History is an ever-important part of our society. Always appreciated in hindsight, it teaches us where we come from as a people and serves as a moral compass on the winding road to where we are going as a nation. Join the Museum of Cape Fear Historical Complex as it displays the informative exhibit of the 1898 Wilmington Race Riots. The display debuted on March 19 and closes June 16.
An intriguing look into the past, the exhibit challenges one to think about how far society has come and consider the individual choices to be made in order to secure a better tomorrow for future generations.
The inspiration for the show began after the Arts Council voted to bring the Anne Frank exhibit to Fayetteville. Inspired by her legacy and deﬁ ance against Nazi oppression, agencies were contacted to bring more events to the city in order to lead discussions about diversity. It was that need for people to connect and explore history together that led to the Wilmington Race Riot exhibit. Though many people may not know about the exhibit, The Museum of Cape Fear wanted to feature an event that is relevant to the hearts of North Carolinians as well as the rest of the country.
In 1877, during the Reconstruction Era after the Civil War, Jim Crow laws were enacted throughout the South and were not abolished until the middle of the 20th century. These laws gave privileges to white, elite planters and farmers who favored the Democratic Party and discriminated against minorities. In 1898, the Democrats needed to win the most populated city, which at the time was Wilmington. The problem, however, was that the city’s lawmakers were partly comprised of African-Americans who were educated businessmen and middle-class residents.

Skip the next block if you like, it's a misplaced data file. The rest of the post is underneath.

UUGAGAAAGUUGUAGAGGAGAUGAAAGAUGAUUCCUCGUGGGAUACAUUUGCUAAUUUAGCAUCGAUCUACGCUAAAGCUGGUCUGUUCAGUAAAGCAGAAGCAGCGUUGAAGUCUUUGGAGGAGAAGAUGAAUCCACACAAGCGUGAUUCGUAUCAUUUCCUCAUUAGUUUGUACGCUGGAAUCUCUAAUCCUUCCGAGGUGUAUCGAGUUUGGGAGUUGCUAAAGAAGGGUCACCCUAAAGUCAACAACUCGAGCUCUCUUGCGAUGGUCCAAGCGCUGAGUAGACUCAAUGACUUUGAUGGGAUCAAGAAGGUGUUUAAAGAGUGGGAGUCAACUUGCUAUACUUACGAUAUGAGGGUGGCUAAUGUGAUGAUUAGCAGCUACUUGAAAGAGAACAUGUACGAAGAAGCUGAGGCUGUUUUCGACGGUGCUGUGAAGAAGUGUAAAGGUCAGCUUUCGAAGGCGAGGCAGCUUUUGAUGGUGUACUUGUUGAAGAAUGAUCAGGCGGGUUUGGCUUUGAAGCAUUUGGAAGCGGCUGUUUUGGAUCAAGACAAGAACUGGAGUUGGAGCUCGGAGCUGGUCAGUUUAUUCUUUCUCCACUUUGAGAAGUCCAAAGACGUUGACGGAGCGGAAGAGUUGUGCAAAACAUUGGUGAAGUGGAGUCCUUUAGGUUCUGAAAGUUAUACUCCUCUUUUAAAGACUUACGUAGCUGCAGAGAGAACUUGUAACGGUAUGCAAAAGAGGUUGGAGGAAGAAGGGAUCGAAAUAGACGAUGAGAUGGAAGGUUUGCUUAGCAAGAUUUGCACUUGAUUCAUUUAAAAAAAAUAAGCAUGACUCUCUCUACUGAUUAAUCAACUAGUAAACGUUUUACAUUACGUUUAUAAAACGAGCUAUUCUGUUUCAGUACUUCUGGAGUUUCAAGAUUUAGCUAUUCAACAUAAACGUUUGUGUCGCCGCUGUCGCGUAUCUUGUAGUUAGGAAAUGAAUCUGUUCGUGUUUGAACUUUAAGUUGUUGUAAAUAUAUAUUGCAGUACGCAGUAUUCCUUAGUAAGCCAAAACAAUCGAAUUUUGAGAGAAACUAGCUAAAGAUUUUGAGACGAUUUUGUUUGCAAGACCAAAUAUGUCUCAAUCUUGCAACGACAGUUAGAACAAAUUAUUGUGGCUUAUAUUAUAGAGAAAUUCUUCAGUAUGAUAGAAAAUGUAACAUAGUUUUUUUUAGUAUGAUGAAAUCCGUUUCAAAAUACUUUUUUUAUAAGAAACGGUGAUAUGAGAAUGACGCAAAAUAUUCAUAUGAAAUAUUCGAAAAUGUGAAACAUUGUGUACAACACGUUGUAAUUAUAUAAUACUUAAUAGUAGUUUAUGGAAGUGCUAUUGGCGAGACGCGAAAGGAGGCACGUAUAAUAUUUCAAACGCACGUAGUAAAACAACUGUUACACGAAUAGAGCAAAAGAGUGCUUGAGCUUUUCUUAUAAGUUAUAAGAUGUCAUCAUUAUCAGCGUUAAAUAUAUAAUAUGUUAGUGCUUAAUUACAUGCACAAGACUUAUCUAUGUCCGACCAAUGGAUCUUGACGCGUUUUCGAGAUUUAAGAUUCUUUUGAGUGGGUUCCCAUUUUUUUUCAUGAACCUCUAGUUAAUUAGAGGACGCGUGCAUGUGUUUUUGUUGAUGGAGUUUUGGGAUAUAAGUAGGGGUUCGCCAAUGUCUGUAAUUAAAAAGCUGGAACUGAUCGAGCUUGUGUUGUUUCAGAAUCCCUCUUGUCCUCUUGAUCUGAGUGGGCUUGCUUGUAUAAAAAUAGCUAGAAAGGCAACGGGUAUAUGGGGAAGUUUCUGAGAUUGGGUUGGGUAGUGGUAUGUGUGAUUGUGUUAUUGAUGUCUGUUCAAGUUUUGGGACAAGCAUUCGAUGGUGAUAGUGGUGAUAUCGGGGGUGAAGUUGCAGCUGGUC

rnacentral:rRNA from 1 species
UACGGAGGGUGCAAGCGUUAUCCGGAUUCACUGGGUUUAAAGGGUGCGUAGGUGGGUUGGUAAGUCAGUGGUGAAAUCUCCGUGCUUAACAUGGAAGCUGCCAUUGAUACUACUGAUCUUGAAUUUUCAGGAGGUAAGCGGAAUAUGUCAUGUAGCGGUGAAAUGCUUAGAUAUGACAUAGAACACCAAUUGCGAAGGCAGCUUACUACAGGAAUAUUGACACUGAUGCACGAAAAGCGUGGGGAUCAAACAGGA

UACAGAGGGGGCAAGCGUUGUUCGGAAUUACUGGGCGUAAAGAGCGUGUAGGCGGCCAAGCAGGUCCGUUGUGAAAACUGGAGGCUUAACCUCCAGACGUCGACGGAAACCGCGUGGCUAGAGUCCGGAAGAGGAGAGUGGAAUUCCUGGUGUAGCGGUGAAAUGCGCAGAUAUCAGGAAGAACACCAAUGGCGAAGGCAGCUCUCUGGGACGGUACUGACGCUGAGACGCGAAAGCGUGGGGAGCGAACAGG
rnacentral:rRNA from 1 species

In order to overcome this obstacle, the Democrats planned a strategy to inﬂ ame white men who published newspaper articles calling for the lynching of black men by stating that they were slandering white women. They gained much support from men who felt it necessary to defend these “victims.”
To respond to these allegations Alex Manly, editor of the Wilmington Daily Record, refuted these claims in another article and stated that some white women actually preferred black men. Using this as fuel for their agenda, the Democratic Party staged a coup d’état, which resulted in a political riot where white supremacists illegally overthrew legitimate elected ofﬁ cials of Wilmington. There was destruction of the Wilmington Daily Record and the ousting of several of the city’s leaders. Remembered as the only successful coup d’état in American history, this riot serves as a cold reminder of our state’s past.
David Reid, administrator of the Museum of Cape Fear Historical Complex is knowledgeable of the event. He said, “It’s important, but not a well known part of North Carolina’s history that does have relevance for today.”
He believes that the exhibit serves as an invaluable example of how far we’ve come as a state and nation. Experience the Wilmington Race Riot exhibit and see how learning from the mistakes of the past can lead to a brighter future for tomorrow. For more information, call 910.486.1330.
Photo: 1898 Wilmington Race Riots exhibit at the Museum of Cape Fear Historical Complex closes on June 16.